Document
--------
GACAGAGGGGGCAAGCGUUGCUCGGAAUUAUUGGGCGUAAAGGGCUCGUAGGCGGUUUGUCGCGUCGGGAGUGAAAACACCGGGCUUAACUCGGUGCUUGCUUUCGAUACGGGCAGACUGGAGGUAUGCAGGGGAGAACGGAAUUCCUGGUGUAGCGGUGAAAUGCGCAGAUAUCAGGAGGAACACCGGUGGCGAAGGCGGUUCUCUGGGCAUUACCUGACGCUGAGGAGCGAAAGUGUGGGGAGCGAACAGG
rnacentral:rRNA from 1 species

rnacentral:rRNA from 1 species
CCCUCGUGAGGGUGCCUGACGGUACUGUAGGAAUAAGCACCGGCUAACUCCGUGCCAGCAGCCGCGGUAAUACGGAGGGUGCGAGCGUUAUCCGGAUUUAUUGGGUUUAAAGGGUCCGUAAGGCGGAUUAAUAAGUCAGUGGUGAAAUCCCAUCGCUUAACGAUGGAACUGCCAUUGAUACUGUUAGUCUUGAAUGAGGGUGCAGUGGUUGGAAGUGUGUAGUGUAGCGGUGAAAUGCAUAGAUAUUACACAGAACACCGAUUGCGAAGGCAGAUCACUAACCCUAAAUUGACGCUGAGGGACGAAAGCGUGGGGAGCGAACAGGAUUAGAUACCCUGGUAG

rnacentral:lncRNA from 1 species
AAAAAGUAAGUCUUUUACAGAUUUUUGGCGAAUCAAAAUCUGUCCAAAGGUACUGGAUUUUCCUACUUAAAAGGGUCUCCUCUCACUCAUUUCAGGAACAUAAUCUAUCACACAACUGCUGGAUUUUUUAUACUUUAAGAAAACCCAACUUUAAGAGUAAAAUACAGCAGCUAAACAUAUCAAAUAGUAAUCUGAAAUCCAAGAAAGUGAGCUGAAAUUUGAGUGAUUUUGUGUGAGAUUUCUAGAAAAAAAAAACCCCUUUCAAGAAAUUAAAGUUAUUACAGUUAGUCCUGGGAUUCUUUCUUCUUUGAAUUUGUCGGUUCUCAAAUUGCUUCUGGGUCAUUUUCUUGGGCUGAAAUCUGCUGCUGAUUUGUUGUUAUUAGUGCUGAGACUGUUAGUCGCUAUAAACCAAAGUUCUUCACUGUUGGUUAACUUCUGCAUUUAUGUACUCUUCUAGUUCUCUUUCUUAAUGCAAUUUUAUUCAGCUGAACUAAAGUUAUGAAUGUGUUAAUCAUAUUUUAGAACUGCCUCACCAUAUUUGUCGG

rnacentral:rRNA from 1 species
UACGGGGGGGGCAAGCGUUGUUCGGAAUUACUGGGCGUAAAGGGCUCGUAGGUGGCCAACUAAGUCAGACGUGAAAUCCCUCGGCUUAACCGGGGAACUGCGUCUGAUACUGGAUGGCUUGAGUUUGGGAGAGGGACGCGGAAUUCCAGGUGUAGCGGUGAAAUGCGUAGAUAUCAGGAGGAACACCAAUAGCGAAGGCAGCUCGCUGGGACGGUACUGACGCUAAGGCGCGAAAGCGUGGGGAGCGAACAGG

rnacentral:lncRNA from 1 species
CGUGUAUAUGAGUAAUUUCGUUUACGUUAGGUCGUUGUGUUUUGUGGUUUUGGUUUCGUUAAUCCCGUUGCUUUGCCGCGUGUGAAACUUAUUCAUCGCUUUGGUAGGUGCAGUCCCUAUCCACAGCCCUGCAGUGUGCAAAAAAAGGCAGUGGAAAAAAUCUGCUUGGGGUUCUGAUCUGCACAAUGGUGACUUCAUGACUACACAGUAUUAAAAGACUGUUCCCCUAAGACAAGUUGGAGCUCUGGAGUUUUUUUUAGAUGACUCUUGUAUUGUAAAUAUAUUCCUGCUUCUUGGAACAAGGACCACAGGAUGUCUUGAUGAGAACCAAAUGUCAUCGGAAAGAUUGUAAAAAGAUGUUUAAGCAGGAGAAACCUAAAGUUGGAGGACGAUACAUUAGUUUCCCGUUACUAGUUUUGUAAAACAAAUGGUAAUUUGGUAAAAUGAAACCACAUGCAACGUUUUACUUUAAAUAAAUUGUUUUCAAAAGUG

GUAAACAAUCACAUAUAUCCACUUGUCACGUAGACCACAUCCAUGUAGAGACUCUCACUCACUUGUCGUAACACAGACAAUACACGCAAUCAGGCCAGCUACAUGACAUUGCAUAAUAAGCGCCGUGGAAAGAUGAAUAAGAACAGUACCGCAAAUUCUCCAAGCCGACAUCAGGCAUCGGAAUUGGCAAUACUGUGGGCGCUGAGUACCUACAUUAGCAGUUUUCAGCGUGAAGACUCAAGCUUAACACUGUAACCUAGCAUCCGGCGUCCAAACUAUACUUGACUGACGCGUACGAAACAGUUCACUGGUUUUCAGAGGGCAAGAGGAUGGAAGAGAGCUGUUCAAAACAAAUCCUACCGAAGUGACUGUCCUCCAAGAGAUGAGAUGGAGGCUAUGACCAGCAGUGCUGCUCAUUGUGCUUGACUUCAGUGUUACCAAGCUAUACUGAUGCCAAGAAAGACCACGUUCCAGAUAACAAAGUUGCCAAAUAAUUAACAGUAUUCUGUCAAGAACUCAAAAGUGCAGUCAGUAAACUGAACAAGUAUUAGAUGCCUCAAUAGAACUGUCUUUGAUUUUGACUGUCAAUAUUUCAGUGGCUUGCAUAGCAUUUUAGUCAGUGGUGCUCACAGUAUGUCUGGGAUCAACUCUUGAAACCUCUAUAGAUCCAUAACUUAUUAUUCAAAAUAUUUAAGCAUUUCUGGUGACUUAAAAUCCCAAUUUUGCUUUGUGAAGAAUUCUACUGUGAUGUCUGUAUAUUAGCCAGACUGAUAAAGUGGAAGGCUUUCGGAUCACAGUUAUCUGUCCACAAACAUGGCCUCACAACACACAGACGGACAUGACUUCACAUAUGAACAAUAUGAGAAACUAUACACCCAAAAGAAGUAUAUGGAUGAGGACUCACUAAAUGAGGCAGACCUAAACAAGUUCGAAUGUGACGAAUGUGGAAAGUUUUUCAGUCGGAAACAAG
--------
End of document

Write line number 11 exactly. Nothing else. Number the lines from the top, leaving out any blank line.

GUAAACAAUCACAUAUAUCCACUUGUCACGUAGACCACAUCCAUGUAGAGACUCUCACUCACUUGUCGUAACACAGACAAUACACGCAAUCAGGCCAGCUACAUGACAUUGCAUAAUAAGCGCCGUGGAAAGAUGAAUAAGAACAGUACCGCAAAUUCUCCAAGCCGACAUCAGGCAUCGGAAUUGGCAAUACUGUGGGCGCUGAGUACCUACAUUAGCAGUUUUCAGCGUGAAGACUCAAGCUUAACACUGUAACCUAGCAUCCGGCGUCCAAACUAUACUUGACUGACGCGUACGAAACAGUUCACUGGUUUUCAGAGGGCAAGAGGAUGGAAGAGAGCUGUUCAAAACAAAUCCUACCGAAGUGACUGUCCUCCAAGAGAUGAGAUGGAGGCUAUGACCAGCAGUGCUGCUCAUUGUGCUUGACUUCAGUGUUACCAAGCUAUACUGAUGCCAAGAAAGACCACGUUCCAGAUAACAAAGUUGCCAAAUAAUUAACAGUAUUCUGUCAAGAACUCAAAAGUGCAGUCAGUAAACUGAACAAGUAUUAGAUGCCUCAAUAGAACUGUCUUUGAUUUUGACUGUCAAUAUUUCAGUGGCUUGCAUAGCAUUUUAGUCAGUGGUGCUCACAGUAUGUCUGGGAUCAACUCUUGAAACCUCUAUAGAUCCAUAACUUAUUAUUCAAAAUAUUUAAGCAUUUCUGGUGACUUAAAAUCCCAAUUUUGCUUUGUGAAGAAUUCUACUGUGAUGUCUGUAUAUUAGCCAGACUGAUAAAGUGGAAGGCUUUCGGAUCACAGUUAUCUGUCCACAAACAUGGCCUCACAACACACAGACGGACAUGACUUCACAUAUGAACAAUAUGAGAAACUAUACACCCAAAAGAAGUAUAUGGAUGAGGACUCACUAAAUGAGGCAGACCUAAACAAGUUCGAAUGUGACGAAUGUGGAAAGUUUUUCAGUCGGAAACAAG